He was responding to the claim that LLMs ground “indirectly” through the experience of others. I, in agreement with Harnad, argue that while LLMs learn what they can from the text that they are given, meaning is assigned by humans when they read the words that LLMs output; words aren’t meaningful to LLMs, particularly concrete words. Put another way, like dictionaries, LLMs learn circular approximations of the meaning of words (following the distributional hypothesis of semantics). Powerful, given enough text, but still only approximate.

The Chinese Room Thought Experiment and the Intelligent Octopus Thought Experiment both apply here, but the Symbol Grounding Problem is a bit different: in my estimation, computers could learn deeper, grounded meanings given the right setting, learning progression, experience, and data. As of now, easy-to-find text isn’t quite getting current language models all the way. Vision helps, but is still only part of what it will take to solve the Symbol Grounding Problem.

For a longer discussion on these and related topics (such as How does emotion play a role in language learning?), see another article I recently wrote: Kennington (2023).9

Featured photograph by Jason Leung on Unsplash.

  1. Dahlgren, Kathleen. 1976. “Referential Semantics.” University of California, Los Angeles. 

  2. Harnad, Stevan. 1990. “The Symbol Grounding Problem.” Physica D. Nonlinear Phenomena 42 (1-3): 335–46.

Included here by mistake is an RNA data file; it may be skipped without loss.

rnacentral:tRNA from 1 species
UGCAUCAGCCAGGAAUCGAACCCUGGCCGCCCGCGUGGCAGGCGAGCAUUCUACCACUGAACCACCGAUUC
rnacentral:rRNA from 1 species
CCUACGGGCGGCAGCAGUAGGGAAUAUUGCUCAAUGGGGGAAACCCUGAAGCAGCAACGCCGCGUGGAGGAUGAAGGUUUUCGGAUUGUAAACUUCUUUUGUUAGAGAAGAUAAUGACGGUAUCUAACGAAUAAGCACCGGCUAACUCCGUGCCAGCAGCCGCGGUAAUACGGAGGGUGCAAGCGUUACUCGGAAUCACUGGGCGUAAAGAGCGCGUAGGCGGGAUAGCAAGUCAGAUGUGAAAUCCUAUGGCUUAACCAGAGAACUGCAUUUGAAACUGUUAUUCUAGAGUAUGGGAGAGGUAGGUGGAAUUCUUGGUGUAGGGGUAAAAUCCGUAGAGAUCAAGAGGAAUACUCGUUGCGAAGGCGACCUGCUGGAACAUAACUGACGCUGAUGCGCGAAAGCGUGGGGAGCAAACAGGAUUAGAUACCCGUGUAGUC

3. Borghi, Anna M., Laura Barca, Ferdinand Binkofski, Cristiano Castelfranchi, Giovanni Pezzulo, and Luca Tummolini. 2019. “Words as Social Tools: Language, Sociality and Inner Grounding in Abstract Concepts.” Physics of Life Reviews 29 (July): 120–53. 

  4. Ponari, Marta, Courtenay Frazier Norbury, and Gabriella Vigliocco. 2018. “Acquisition of Abstract Concepts Is Influenced by Emotional Valence.” Developmental Science 21 (2).

  5. Fields, Clayton, and Casey Kennington. 2023. “Vision Language Transformers: A Survey.” arXiv [cs.CV]. arXiv.

  6. Driess, Danny, Fei Xia, Mehdi S. M. Sajjadi, Corey Lynch, Aakanksha Chowdhery, Brian Ichter, Ayzaan Wahid, et al. 2023. “PaLM-E: An Embodied Multimodal Language Model.” arXiv [cs.LG]. arXiv.

  7. Schlangen, David. 2023. “What A Situated Language-Using Agent Must Be Able to Do: A Top-Down Analysis.” arXiv [cs.CL]. arXiv.

  8. Vincent-Lamarre, Philippe, Alexandre Blondin Massé, Marcos Lopes, Mélanie Lord, Odile Marcotte, and Stevan Harnad. 2016. “The Latent Structure of Dictionaries.” Topics in Cognitive Science 8 (3): 625–59. 

  9. Kennington, Casey. 2023. “On the Computational Modeling of Meaning: Embodied Cognition Intertwined with Emotion.” arXiv [cs.CL]. arXiv.